Ha'aretz: The Health Ministry Is Violating The Priority Rights Of Pharmaceutical Companies

Author:Mr Yafit Avital
Profession:Reinhold Cohn & Partners
 
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The following is an article expressing the necessity in enacting Data Exclusivity Provisions in Israel. The Article is an interview with Adv. David Gilat and Adv. Eran Bareket published in Ha'aretz daily newspaper on December 21, 2003.

Attorneys David Gilat and Eran Bareket, who specialize in intellectual property, maintain that when, in the process of approving generic drugs, the Health Ministry uses product files submitted by manufacturers of proprietary medicinal products it violates the law as well as an international treaty that Israel has signed.

The generic drug industry has already spawned some of the most successful companies in Israel's business arena. Teva, whose market cap is $16 billion and is a leader of the global generic industry, is without doubt the most prominent example, but it is not the only one. Taro and Agis are growing, profitable companies that are considered leaders in their specific fields.

A generic drug is similar, although not necessarily identical, to the original drug, but produces the same biological effect as the original - at a much cheaper price. In a country where health costs continually rise and where the state's contribution constantly declines, the idea that a company should be allowed to produce generic drugs makes perfect sense. It is therefore hardly surprising that the concept of generic drugs is embraced by the public and by policymakers in Israel, and that no one questions this principle. Ostensibly, it is in everyone's best interest. Well, almost everybody's.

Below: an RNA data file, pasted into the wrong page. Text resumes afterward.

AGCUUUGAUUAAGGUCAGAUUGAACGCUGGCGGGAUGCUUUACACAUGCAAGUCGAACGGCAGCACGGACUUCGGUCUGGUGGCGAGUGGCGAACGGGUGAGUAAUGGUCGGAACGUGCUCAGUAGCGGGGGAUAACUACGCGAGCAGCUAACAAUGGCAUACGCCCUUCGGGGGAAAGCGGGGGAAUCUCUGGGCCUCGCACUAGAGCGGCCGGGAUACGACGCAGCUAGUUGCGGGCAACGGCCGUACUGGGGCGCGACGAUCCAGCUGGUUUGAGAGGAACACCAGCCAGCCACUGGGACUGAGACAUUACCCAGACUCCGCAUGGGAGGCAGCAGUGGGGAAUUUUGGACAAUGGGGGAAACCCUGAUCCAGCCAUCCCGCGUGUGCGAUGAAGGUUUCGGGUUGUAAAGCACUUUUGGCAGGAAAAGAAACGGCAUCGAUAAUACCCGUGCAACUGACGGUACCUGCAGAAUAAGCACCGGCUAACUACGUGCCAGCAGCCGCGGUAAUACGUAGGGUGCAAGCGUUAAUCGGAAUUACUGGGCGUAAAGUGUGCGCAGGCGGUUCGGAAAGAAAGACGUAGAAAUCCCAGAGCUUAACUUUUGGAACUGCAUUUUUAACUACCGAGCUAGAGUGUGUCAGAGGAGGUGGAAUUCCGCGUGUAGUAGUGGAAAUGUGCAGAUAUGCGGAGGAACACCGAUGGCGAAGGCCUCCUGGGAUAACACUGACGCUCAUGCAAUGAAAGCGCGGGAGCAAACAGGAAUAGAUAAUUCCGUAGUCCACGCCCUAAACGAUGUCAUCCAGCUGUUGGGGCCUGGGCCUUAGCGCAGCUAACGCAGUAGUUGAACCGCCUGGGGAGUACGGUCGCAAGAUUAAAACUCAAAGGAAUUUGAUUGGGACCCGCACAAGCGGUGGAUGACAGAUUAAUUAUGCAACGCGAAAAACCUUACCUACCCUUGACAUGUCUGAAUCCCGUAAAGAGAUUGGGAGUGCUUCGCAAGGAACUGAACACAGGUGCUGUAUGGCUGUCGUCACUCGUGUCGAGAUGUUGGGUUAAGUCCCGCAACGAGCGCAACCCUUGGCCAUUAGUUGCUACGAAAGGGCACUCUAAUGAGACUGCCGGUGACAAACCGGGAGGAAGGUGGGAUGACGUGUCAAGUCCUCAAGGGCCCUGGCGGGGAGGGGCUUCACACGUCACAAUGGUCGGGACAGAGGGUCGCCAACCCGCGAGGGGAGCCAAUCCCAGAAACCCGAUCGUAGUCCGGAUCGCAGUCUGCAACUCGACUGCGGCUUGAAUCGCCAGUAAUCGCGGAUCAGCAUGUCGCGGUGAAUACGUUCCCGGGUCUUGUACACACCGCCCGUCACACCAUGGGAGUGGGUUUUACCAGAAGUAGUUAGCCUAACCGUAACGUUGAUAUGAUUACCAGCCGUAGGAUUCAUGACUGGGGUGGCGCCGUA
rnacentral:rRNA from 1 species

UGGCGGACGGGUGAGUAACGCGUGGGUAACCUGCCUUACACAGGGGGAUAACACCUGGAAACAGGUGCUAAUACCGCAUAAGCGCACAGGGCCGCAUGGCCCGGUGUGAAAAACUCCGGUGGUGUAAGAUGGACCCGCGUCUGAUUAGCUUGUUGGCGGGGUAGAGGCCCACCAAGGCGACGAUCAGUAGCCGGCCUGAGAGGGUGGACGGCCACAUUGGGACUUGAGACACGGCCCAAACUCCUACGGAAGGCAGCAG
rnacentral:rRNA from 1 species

David Gilat, an attorney and patent attorney, disagrees. Gilat is a partner in Gilat, Bareket & Co., a law firm that specializes in intellectual property and represents proprietary drug manufacturers. In this field, their firm works hand in hand with Reinhold Cohn & Partners, one of the leading firms in Israel in the field of intellectual property.

Gilat thinks that the state has gone too far in its eagerness to promote the marketing of generic drugs, and even argues that the Ministry of Health is guilty of violating the proprietary rights of companies that produce brand-name drugs.

Trade secrets

The cost of developing a new drug, Gilat explains, has grown dramatically over the last few years, and nowadays reaches several hundreds of millions of dollars and even a billion dollars per drug. One of the reasons for that are technological improvements, which make it possible to reach a higher level of accuracy in toxicity and purity measurements, and concurrently...

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